Police officers protect the community from crime and disorder by providing services to uphold the law, protect life and property, preserve the peace, prevent crime, detect and apprehend offenders, and help those in need of assistance.
Personal requirements for a Police Officer - State
- Enjoy helping people
- Able to stay calm in difficult situations
- Able to cope with the physical demands of the job
- Tolerant of people from all backgrounds and cultures
- Honest and reliable
- Willing to accept responsibility
- Socially mature with a degree of mental toughness
- Able to analyse and solve problems
- Have an acceptable traffic/criminal record
- Australian or New Zealand citizenship or permanent residency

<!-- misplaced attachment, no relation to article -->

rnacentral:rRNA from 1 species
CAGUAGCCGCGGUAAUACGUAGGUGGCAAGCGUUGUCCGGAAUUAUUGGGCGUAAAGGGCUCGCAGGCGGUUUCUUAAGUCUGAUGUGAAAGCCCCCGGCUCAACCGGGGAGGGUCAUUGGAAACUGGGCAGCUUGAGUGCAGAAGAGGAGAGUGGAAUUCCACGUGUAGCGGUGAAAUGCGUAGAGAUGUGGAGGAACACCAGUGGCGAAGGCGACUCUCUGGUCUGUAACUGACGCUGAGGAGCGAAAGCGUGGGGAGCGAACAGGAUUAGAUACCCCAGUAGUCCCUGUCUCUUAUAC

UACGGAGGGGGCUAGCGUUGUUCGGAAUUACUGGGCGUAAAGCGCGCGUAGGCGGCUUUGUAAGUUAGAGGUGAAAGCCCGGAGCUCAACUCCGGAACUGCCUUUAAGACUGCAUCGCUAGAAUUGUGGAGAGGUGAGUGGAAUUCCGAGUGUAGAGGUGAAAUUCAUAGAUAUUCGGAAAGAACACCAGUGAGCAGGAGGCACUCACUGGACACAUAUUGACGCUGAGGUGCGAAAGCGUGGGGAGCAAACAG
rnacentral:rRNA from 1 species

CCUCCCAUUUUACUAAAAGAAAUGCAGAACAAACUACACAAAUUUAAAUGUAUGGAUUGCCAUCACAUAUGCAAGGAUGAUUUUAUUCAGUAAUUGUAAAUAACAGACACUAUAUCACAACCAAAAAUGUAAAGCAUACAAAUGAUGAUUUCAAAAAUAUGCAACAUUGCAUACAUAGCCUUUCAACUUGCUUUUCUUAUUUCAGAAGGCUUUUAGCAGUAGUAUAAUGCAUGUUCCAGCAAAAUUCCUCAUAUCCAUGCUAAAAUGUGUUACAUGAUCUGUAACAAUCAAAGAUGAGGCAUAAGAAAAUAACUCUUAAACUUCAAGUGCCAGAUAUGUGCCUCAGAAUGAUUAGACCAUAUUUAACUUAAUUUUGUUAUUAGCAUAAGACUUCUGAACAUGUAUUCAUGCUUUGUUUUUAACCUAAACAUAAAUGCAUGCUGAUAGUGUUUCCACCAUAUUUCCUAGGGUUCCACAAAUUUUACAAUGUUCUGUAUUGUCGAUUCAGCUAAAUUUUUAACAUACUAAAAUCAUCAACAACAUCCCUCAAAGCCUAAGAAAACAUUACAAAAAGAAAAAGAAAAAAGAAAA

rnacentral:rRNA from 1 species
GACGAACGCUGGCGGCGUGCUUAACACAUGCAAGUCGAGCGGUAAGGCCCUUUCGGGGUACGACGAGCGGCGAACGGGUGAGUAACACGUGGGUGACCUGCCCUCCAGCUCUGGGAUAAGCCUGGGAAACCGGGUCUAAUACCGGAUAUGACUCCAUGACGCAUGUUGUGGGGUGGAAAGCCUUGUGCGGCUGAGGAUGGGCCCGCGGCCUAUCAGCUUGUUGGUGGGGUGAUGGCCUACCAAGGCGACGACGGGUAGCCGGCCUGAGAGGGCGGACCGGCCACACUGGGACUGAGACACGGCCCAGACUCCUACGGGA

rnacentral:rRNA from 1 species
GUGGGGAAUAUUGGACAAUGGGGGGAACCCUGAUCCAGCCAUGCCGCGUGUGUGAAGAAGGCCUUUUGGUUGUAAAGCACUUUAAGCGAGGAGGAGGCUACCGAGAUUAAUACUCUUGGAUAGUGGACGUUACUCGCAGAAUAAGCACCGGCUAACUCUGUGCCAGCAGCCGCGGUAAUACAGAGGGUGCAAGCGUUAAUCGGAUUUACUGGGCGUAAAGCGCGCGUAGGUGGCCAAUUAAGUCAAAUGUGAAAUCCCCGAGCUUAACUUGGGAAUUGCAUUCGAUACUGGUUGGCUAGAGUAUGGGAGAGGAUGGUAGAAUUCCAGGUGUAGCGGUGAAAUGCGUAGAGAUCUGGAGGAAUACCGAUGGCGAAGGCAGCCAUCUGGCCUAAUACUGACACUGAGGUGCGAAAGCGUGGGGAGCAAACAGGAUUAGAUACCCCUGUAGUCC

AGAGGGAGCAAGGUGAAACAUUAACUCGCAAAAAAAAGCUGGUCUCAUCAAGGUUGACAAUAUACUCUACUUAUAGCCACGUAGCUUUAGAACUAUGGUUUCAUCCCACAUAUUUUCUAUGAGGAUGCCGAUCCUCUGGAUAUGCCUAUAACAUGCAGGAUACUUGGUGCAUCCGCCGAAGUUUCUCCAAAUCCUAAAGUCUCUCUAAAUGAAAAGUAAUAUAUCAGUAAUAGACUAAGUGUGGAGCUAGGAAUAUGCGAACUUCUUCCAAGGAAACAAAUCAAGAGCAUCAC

- Able to satisfy medical requirements
- Great communication skills
Education & Training for a Police Officer - State
To become a police officer at state or territory level, you usually have to gain your Senior Secondary Certificate of Education, although requirements vary. Entry to this occupation may be improved if you have tertiary qualifications. Institutions have different prerequisites and some have flexible entry requirements or offer external study. Contact the institutions you are interested in for more information. Applicants must successfully pass entry requirements, which may include literacy and reasoning examinations, character and fitness requirements, a medical test, psychological screening, computer skills testing and a selection panel interview. Successful applicants then undertake a further training program. To learn more about education and training in your state or territory, contact your local police recruiting branch.
Depending on your state or territory, you may need to have: a manual drivers licence, a Provide First Aid Certificate, a Bronze Medallion, Aquatic Rescue certificate or Police Rescue Award, the ability to swim a required distance unaided and computer competency and typing skills. Applicants must be at least 18 years of age.